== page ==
Henry James, Jr.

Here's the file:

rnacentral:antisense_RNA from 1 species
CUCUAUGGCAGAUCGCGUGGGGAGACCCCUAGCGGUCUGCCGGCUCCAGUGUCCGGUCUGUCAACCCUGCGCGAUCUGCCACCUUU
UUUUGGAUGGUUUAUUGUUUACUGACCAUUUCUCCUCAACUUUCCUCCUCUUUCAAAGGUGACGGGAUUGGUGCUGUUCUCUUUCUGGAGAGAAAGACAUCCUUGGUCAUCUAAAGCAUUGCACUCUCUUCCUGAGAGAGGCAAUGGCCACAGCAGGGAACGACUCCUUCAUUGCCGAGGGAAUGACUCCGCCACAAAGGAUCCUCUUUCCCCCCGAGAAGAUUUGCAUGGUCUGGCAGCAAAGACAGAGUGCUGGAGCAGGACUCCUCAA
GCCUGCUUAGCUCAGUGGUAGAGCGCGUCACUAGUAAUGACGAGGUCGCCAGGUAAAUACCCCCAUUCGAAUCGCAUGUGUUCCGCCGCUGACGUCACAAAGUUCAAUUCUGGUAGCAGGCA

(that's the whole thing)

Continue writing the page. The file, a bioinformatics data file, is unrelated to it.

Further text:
It be admitted that there is a sort of unexpectedness this vernal exodus of a body of people who, a week before, were apparently devoting much energy to down for the season. Half of them have but come back from the country, where they have been the winter, and they have just had time, it be supposed, to collect the scattered threads of town-life-. , however, the threads are dropped and society is dispersed, if it had taken a false start. It departs Holy Week draws to a close, and remains absent the following ten days. Where it goes is its affair; a good deal of it goes to Paris. last winter in that city I remember how, when woke up on Easter Monday and looked out of window, I found the street covered, overnight, with a of snow-fall of disembarked Britons. They made, for other , an uncomfortable week of it. One's customary table at restaurant, one's habitual stall at the Thtre Franaisç, one's fiacre on the cab-stand-, were very apt to have pre-emption-. I believe that the pilgrimage to Paris was year of the usual proportions: and you may be that people who did not cross the Channel were without invitations to quiet old places in the country, the pale, fresh primroses were beginning to light up dark turf and the purple bloom of the bare to be freckled here and there with verdure. In country-life is the obverse of the medal, town-life the , and when an occasion comes for quitting London there few members of what the French call the “easy ” who have not a collection of dull, moist, verdant to choose from. Dull I call them, and I not without reason, though at the moment I speak their dullness must have been mitigated by the unintermittent of the keenest and liveliest of east winds. Even mellow English country homes Easter-tide is a period of and atmospheric acridity ---- the moment at which the hostility of winter, which has at last to give the game, turns to peevishness and spite. This is makes it arbitrary, as I said just now, for *easy* people to go forth to the wind-swept lawns the shivering parks. But nothing is more striking to American than the frequency of English holidays and the way in which occasions for change and diversion are use of. All this speaks to Americans of three which they are accustomed to see allotted in scantier . The English have more time than we, they have money, and they have a much higher relish for taking.



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